Buzz Goddard: Its certainly more similar then different. I dont believe in different speaker config settings for different modes, but there are enhancements to make it easier to dial in different relative levels.
SMR: In these changing times, the ability to upgrade an expensive decoder such as the MC-1 so that it can process the likes of MLP and/or SACD is important. Can the MC-1 be upgraded, and if so, how is this done, by way of an internal daughter-card in a similar vein to the DC-1 and DC-2?
Buzz Goddard: I expect getting a "usable" digital signal out of a DVD Audio player or SACD machine will require an external processor to unpack, decrypt, deal with watermarking if needed and reformat.
SMR: The DC-2 rear panel and the MC-1 rear panel both include RS 232 ports what are they for?
Buzz Goddard: Control. Both control of the processor by an external system, like AMX, and control of future products we are planning (video switchers, EQ, dynamics processors, Cuisinarts&).
SMR: What about FireWire? Would not have been prudent to include a FireWire terminal somewhere on the rear of the MC-1 at least?
Buzz Goddard: If that were a reality for audio today. Even the most promising systems look to be a year from silicon. Again, the expansion ports using a known standard are the safest bet for now.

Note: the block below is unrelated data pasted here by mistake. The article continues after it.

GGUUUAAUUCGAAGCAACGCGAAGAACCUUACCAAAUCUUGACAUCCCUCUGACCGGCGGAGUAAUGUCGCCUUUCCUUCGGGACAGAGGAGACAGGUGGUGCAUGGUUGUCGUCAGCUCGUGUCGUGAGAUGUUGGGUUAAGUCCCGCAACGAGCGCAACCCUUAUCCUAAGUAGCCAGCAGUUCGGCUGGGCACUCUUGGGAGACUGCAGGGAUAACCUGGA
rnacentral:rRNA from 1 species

SMR: Will it be possible to update the operating software within the MC-1 and DC-2 by using an RS 232 link to a personal computer?
Buzz Goddard: No. Im loath to do that for piracy and interfacing headaches. We do it on other products, so it was considered (and rejected).
SMR: As the DC-2 and especially the MC-1 will be used in high-end systems with DVD or HDTV sources, why dont either include component inputs, outputs and switching? If the MC-1 is to be 100% user-friendly then hitting the DVD input should engage Dolby Digital Logic 7 and route the component feeds to my projector. Another use for the RS 232 ports perhaps?
Buzz Goddard: Sure. But of course youll still have to switch your TV, so it wont have gained you much, and you might even have lost some quality as the component signal is relatively fragile. If your TV supports component video, Id run directly to it.
SMR: Id personally like some sort of digital parametric equaliser for use with the MC-1 along the lines of the z-Systems components which can only be used with Meridian processors or strictly two-channel systems. Does Lexicon have any plans to introduce such a thing or does the MC-1 have the processing power on-board to accomplish the task itself?
Buzz Goddard: Weve been studying EQ and small room acoustics for quite a while. A product that effectively attacks the problems we know of is probably going to be thousands of dollars at this point and weve no wish to burden the MC-1 with that cost. Keep it optional.
SMR: Two words. Trading in. Lexicon owners have been lucky enough to realise the value of products they currently own when moving up the Lexicon line why werent details of an upgrade scheme, specifically the costs involved, announced along with the products themselves?
Buzz Goddard: We want to give our partners (distributors and retailers) a chance to provide input on the process. We got a lot at CES and are evaluating it now. Its also difficult to get an exact product cost until the production and test lines are up to speed.